The Well-Wrought Sentence

Gary Lutz on writers of exquisite sentences:

It took me almost another decade after graduate school to figure out what writing really is, or at least what it could be for me; and what prompted this second lesson in language was my discovery of certain remaindered books—mostly of fiction, most notably by Barry Hannah, and all of them, I later learned, edited by Gordon Lish—in which virtually every sentence had the force and feel of a climax, in which almost every sentence was a vivid extremity of language, an abruption, a definitive inquietude. These were books written by writers who recognized the sentence as the one true theater of endeavor, as the place where writing comes to a point and attains its ultimacy. As a reader, I finally knew what I wanted to read, and as someone now yearning to become a writer, I knew exactly what I wanted to try to write: narratives of steep verbal topography, narratives in which the sentence is a complete, portable solitude, a minute immediacy of consummated language—the sort of sentence that, even when liberated from its receiving context, impresses itself upon the eye and the ear as a totality, an omnitude, unto itself. I once later tried to define this kind of sentence as “an outcry combining the acoustical elegance of the aphorism with the force and utility of the load-bearing, tractional sentence of more or less conventional narrative.” The writers of such sentences became the writers I read and reread. I favored books that you could open to any page and find in every paragraph sentences that had been worked and reworked until their forms and contours and their organizations of sound had about them an air of having been foreordained—as if this combination of words could not be improved upon and had finished readying itself for infinity.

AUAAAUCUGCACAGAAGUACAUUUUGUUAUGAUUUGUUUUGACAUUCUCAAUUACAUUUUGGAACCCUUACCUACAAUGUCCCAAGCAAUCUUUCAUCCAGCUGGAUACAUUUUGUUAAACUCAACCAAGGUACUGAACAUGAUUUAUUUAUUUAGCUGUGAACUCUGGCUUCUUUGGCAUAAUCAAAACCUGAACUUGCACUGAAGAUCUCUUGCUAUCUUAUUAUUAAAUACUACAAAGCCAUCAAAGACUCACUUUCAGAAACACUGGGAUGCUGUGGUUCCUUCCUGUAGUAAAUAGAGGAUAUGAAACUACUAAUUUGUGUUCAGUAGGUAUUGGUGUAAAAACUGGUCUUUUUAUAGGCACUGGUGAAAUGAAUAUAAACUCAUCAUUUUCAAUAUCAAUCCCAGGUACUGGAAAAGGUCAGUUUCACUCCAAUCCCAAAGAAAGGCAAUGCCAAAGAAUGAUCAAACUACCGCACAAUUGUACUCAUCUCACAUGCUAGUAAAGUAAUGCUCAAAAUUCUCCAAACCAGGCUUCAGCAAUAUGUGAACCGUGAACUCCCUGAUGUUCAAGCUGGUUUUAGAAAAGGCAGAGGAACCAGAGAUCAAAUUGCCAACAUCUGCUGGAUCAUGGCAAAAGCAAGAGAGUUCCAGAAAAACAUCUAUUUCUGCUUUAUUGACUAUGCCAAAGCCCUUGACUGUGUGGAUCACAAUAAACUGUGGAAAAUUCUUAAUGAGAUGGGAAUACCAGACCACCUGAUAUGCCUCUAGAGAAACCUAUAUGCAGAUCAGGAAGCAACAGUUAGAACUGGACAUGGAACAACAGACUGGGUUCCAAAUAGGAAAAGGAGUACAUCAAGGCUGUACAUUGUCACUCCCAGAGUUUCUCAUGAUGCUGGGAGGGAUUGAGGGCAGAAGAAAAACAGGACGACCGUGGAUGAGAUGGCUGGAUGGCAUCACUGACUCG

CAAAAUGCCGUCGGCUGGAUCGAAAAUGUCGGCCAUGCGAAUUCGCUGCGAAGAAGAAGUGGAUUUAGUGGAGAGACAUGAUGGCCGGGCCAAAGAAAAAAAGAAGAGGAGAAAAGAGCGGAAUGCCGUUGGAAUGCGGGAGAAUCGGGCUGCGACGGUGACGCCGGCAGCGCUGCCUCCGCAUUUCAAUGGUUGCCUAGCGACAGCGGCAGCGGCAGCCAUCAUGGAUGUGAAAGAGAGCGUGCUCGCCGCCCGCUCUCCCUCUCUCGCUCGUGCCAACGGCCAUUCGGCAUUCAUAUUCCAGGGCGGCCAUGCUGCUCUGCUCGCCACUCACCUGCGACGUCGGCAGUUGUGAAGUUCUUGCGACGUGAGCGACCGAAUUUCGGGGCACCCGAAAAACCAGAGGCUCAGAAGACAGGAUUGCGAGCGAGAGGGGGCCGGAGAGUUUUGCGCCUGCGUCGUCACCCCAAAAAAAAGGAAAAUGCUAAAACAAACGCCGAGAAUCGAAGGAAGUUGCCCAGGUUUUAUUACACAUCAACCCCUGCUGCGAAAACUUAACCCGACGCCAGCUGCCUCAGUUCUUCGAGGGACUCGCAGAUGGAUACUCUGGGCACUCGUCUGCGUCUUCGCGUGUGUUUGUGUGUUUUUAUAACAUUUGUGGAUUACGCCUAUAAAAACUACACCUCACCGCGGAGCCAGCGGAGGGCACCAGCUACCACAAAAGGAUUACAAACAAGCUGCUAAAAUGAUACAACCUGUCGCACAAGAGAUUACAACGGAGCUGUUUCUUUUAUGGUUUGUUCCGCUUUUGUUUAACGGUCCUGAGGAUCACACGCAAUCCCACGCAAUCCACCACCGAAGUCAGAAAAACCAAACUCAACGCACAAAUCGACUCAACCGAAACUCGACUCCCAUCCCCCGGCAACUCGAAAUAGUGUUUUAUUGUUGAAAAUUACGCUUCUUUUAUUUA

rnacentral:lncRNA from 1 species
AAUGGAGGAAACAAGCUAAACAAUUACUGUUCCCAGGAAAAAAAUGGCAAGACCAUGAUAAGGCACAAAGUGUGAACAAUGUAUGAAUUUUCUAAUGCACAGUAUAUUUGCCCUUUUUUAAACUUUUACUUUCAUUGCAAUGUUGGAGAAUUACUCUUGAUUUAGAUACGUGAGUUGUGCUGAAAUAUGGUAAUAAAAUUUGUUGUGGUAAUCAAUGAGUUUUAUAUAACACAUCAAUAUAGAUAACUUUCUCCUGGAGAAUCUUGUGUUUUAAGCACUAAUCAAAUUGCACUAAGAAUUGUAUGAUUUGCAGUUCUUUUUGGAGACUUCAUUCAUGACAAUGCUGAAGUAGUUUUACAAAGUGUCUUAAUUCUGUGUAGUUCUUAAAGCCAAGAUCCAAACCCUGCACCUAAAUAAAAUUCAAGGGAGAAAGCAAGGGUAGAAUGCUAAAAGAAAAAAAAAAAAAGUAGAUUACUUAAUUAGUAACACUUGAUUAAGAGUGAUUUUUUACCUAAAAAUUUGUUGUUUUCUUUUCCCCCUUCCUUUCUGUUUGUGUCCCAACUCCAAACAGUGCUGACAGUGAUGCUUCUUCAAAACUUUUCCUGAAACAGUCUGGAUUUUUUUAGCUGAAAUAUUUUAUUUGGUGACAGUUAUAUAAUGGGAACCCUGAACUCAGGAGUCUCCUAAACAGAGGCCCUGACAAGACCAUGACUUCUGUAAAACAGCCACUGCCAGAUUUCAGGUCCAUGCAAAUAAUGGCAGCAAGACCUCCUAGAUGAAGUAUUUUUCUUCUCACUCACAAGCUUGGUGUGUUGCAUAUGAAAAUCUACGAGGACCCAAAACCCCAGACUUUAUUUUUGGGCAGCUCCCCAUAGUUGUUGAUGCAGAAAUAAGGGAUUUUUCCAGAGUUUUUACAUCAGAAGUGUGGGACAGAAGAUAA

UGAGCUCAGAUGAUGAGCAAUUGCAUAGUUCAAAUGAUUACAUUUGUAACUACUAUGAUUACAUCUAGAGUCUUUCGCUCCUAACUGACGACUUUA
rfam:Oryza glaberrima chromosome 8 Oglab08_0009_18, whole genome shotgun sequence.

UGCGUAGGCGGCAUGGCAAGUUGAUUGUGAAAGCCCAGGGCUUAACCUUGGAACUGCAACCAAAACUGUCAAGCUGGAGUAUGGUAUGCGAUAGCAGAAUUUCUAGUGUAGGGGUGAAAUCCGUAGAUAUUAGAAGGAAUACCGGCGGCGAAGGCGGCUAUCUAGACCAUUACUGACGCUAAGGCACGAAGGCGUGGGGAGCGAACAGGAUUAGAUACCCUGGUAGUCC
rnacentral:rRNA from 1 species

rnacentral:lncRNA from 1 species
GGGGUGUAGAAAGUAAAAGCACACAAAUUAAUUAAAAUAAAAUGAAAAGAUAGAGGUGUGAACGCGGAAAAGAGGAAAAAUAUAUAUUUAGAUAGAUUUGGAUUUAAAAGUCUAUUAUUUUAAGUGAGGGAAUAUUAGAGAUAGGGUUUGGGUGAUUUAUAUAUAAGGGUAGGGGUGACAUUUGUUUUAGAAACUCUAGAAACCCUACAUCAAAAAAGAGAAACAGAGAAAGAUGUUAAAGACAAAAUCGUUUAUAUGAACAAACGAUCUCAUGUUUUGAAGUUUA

And as I encountered any such sentence, the question I would ask myself in marvelment was: how did this thing come to be what it now is? This was when I started gazing into sentence after sentence and began to discover that there was nothing arbitrary or unwitting or fluky about the shape any sentence had taken and the sound it was releasing into the world.

I’ll try to explain what it is that such sentences all seem to have in common and how in fact they might well have been written.

Whom would you put on this list?


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Give a dog a bone. It’s no surprise which author Scott would put on the list. Next, please.

Joan Didion. Period.

Shakespeare. I know, do we even bother to include Shakespeare in such lists? “But look, the morn in russet mantle clad.”

Steve – Laszlo?

Javier Marias would get a vote from me. All the more amazing given his cyclical rhythm.

Haha, Drew! Yes, Laszlo!

I’d nominate Edward Dahlberg for this. His diction and style are outstanding.

Lutz himself, and Christine Schutt (who he mentions in that lecture) would top my list. Hannah too, of course. Lutz says somewhere else that Hannah has “a kind of brawling, roughhouse aphoristicity”, which I think captures it perfectly.

This might be a boring or obvious suggestion, but I really enjoy DeLillo’s sentences.

Yes, Delillo. And Woolf and Nabokov immediately come to mind.

Proust, Cormac McCarthy and Merce Rodoreda.

Barry Hannah is a huge one for me. I would second Faulkner and Nabokov for sure, and add Patrick White, Beckett, and… Charles Portis? It seems like these well-wrought sentences have a lot to do with why writers like Hannah and Portis are so hilarious. The rhythm with which they deliver their punchlines destroys me every time.